One last thing, I have yet to buy the game after playing it… It’s not that I don’t like it, but it is the fear that this game doesn’t seem complete enough and we are going to get a Super Marvel Vs. Capcom 3 later this year which has double the characters. :P Or better yet, Super Marvel Vs. Capcom 3 Arcade Edition Remix HD… You get the idea. ;) Though Capcom may actually know their audience better and these points maybe proven wrong with their return on investment.

May 15th, 2011

So with the PlayStation Network coming back, it’s interesting to see what will happen from now. Personally I didn’t have any Credit Card details in my accounts and I was on holiday so mainly not too affected by this whole incident. I do wonder what happens to people who have extra accounts or multiple accounts created for the purpose of having another alias… There will be a Welcome Back Package given to all PSN users, does this mean even dummy accounts will receive free PS+ Service and free games? Will this mean out of the few games you are able to choose for free you get to collect them all if you had multiple accounts?

I bought a new PS3 for a friend during the time the hacking and downtime happened. Do they receive any of the services if we create a new account for them? It would be interesting if that is the case, but from a business point of view if you didn’t have an account before the hacking then you probably shouldn’t be eligible for the Welcome Back Package. Since you aren’t a returning customer…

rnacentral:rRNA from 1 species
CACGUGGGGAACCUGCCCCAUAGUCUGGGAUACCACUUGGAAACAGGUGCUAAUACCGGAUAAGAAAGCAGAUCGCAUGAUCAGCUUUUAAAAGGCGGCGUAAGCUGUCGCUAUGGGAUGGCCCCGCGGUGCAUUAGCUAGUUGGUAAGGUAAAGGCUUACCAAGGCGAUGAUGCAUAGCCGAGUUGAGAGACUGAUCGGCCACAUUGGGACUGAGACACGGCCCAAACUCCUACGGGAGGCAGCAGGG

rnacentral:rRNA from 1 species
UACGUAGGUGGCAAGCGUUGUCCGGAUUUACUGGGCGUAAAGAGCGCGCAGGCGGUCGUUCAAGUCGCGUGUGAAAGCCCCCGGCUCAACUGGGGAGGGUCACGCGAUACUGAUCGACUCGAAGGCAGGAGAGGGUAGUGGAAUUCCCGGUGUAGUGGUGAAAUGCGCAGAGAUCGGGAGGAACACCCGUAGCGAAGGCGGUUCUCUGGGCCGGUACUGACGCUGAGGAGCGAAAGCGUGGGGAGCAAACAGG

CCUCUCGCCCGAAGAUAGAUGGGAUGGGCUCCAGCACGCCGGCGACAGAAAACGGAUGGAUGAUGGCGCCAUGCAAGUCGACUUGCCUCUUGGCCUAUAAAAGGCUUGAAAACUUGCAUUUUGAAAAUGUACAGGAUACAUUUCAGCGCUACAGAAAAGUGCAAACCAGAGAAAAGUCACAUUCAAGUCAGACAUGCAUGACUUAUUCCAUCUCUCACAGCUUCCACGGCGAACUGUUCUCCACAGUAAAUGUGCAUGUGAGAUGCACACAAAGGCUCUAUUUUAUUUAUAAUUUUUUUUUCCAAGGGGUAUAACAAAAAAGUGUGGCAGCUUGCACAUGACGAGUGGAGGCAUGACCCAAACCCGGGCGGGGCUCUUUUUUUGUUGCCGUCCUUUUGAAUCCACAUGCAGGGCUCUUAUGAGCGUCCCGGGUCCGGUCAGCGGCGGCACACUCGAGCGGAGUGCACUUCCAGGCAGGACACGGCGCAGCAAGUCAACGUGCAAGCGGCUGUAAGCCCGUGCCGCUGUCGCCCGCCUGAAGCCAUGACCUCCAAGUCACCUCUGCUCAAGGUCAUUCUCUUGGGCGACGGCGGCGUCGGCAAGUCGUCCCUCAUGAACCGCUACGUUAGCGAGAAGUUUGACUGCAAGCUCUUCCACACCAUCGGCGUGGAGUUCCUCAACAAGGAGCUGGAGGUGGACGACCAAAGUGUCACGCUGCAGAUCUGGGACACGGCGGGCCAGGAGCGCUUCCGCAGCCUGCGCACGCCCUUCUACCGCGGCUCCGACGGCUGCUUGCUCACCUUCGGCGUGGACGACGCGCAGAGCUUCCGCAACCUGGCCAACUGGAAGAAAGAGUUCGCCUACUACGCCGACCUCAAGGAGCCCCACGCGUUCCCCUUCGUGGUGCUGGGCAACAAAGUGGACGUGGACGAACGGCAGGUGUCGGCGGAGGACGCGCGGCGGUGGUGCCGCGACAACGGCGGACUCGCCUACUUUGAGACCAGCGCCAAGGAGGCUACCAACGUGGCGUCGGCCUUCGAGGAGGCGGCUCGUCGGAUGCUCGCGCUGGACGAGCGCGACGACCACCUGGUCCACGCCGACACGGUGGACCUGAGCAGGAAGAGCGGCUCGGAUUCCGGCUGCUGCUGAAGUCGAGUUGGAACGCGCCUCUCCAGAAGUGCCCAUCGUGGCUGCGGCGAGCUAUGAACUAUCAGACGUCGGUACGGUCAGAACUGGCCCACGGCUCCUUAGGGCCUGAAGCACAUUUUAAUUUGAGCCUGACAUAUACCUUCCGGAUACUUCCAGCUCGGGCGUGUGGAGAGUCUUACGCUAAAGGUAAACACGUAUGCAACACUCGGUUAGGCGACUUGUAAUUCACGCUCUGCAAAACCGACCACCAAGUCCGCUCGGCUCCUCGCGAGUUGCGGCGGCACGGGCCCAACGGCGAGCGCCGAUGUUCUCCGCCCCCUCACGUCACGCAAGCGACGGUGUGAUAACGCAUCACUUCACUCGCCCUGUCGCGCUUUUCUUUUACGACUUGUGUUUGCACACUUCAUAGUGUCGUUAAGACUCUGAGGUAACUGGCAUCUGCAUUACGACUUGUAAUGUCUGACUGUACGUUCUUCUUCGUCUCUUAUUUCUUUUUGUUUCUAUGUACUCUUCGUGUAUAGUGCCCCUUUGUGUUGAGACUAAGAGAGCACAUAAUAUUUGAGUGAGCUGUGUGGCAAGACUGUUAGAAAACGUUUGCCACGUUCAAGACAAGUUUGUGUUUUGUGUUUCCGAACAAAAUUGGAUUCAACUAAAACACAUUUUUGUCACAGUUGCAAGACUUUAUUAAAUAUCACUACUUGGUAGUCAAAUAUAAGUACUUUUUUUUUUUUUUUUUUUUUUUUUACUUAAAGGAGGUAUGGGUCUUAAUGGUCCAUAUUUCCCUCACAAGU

One last thing I do think maybe an issue is the Secret Question and Answer. Though we maybe prompted to update our passwords and some details, the original PSN didn’t let you change your Secret Question and Answer… So if they don’t allow us to update this, then wouldn’t hackers or people who buy the information of customers from the hackers have the answer to the question and still be able to access your account? Also I forgot the answer to one of the accounts I made since I gave it a really stupid question… it would be nice to have that one changed haha… Well here is to a good PSN rebirth and Sony to have everything working right for their customers as soon as possible. :)

I watched this video earlier… felt different seeing Kazuo Hirai do this well rehearsed speech from a office desk… though yeah I guess better than seeing a Kevin Butler spin off. :P

February 9th, 2011

This was one of the recent headlines going around lately. News has it that Konami has gained enough shares of Hudson Soft and is now taking over or absorbing the company into Konami. This is a sad thing to see because during my primary to high school years I was a fan of Hudson Soft games… Especially the Super Bomberman series, special mentions to Super Bomberman 4 [Super Nintendo] and Bomberman SS [Sega Saturn] as they were the probably the most outstanding Bomberman games in terms of game play and design before the experimenting started and the series started to lose it’s edge.